Walking in another person’s shoes
In today’s workplaces, people are experiencing all sorts of changes to their routines, lifestyles, and levels of stress. Practicing empathy in a virtual world and the workplace is a critical part of meaningful social interactions. It can increase people’s understanding of one another and inspire positive social behaviors such as volunteering. Adopting a virtual reality experience in your learning and development strategy can help people work through future disruptions. Forward-thinker leaders will explore how to adopt new and emerging technology to promote skills for the future of work and cross-collaboration.
Nurture a sense of belonging, inclusion, and psychological safety
Inclusive leadership is a business reality, a business model for the future. It is how a company listens to its people and ensures that people feel it. Research shows that inclusive leadership can boost productivity and is strongly correlated to how an employee feels in the workplace.
Salesforce influences everyday workplace interactions through inclusive meetings, inclusive team activities and authentic conversations. They took it one step further to build a module of inclusive leadership practices to support other professionals to grow in this domain. McDonald’s launched a “Better Together: gender Balance & Diversity Strategy” to include initiatives like ‘women in tech’ program for upskilling in data science, AI and senior leaders alongside CEO Steve Easterbrook changed their profile pictures on LinkedIn by turning the McDonald arches upside down to reflect their commitment of awareness of unconscious bias and to overturning the gender status quo.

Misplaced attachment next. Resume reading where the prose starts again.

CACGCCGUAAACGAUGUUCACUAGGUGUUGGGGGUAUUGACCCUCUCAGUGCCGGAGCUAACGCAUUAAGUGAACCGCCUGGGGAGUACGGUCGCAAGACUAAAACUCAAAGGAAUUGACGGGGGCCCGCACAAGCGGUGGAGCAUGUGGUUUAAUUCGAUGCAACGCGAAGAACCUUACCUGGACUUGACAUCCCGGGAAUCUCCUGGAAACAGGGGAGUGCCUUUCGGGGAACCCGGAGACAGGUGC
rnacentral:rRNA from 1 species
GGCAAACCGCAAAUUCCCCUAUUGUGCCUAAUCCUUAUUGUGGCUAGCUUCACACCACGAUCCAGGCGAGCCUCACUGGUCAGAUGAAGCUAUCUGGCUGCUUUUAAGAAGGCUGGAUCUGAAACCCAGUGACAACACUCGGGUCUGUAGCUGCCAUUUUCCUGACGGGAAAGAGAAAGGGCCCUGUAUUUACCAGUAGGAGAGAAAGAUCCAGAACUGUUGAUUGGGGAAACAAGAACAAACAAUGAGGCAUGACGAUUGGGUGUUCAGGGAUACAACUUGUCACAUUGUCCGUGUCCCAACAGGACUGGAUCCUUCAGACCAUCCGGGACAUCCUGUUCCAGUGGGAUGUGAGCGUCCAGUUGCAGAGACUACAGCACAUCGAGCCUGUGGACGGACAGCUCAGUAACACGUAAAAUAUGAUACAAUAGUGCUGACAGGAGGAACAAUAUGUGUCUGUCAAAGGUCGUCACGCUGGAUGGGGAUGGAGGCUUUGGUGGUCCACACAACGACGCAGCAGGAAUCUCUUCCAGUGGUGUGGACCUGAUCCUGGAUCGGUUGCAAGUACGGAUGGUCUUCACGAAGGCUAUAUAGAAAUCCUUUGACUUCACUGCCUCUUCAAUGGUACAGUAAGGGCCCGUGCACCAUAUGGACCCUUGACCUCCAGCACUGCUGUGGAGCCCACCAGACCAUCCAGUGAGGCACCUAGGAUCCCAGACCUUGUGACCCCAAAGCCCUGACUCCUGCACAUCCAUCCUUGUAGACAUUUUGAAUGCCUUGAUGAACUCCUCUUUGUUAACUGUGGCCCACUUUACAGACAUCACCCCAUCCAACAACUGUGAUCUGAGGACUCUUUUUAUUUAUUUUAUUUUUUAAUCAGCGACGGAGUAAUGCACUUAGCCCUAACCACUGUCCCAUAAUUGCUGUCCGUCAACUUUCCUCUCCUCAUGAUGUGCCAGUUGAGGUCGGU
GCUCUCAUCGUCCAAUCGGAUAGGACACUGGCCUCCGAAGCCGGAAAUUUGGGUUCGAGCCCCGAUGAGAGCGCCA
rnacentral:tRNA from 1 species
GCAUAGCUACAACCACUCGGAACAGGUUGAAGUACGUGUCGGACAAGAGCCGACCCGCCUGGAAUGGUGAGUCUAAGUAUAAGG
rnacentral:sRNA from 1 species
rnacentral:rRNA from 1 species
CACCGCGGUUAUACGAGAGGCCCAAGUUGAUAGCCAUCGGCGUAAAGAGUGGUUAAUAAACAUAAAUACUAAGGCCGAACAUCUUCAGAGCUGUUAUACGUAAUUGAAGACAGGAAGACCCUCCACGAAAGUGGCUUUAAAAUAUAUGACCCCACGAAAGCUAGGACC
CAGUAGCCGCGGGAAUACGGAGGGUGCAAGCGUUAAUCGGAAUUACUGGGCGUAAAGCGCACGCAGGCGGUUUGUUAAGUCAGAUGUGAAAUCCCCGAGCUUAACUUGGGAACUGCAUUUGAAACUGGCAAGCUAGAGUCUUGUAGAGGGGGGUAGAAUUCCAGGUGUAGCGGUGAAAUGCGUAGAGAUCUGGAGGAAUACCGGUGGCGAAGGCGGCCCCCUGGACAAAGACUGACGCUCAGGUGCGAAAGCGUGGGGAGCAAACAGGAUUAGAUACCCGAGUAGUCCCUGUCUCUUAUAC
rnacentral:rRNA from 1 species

Unleashing employee’s capabilities
LinkedIn’s 2019 Workforce Learning Report highlighted how 94% of employees stated that they would stay at a company longer if it invested in helping them learn. Employees demand workplaces to coach, inform, and enroll them in programs based on job, skills, and experience level. Engaging teams in a ‘Feedback Friday’ by asking a few questions can help people understand what needs to be created or enabled for their team’s health, wellbeing, and performance.
In a dynamic, fast-paced world, leaders need to think about how quickly they can adapt to changes at an individual, team, and organizational level. Leaders need to understand their individual skills and capabilities and of their workforce. Change readiness involves enlisting and directing people’s energy into delivering great results no matter the new reality by sharing business information quickly and fluidly and without sugarcoating, moves people from passivity and resistance to accountable action. Leaders play a starring role in guiding employees towards a purpose. Moving from Is it necessary? Do we have to? to questions of “how will we do this? And how can we help?” Leaders can help people move from awareness to become drivers of change.
View your employees as humans, not talent
Mental health issues do not discriminate and how you lead environments that create psychological safety, trust, and prioritize wellbeing, are critical right now. When organizations make mental health services more accessible, both employee and company performance can improve. By talking about mental health opening and taking significant action, leaders can destigmatize mental ill-health.
EY launched a WeCare program to educate its people about mental health, encourage them to access necessary assistance and support others who may struggle. CEO of Earnout, Matthew Cooper, wrote a letter in Quartz stepping down from his position because of his mental health struggles resulting in seeking in-patient care. He consciously chose to make his mental wellbeing his priority.
Related: 4 Leadership Sins to Avoid
Embracing the digital world
Online interventions, such as digital mental solutions, are active and growing. From telemedicine access with doctors to apps such as Calm and Headspace to help with meditation and sleep, organizational leaders lead with an open mind. Organizations are engaging services such as Ginger, an on-demand mental health service that ensures that all employees have access to trained behavioral health coaches, licensed therapists, or psychiatrists within hours online. Integrating online and digital services as part of your company ecosystem contributes to leaders providing the best care and opportunities for your people to bring their fullest potential to work.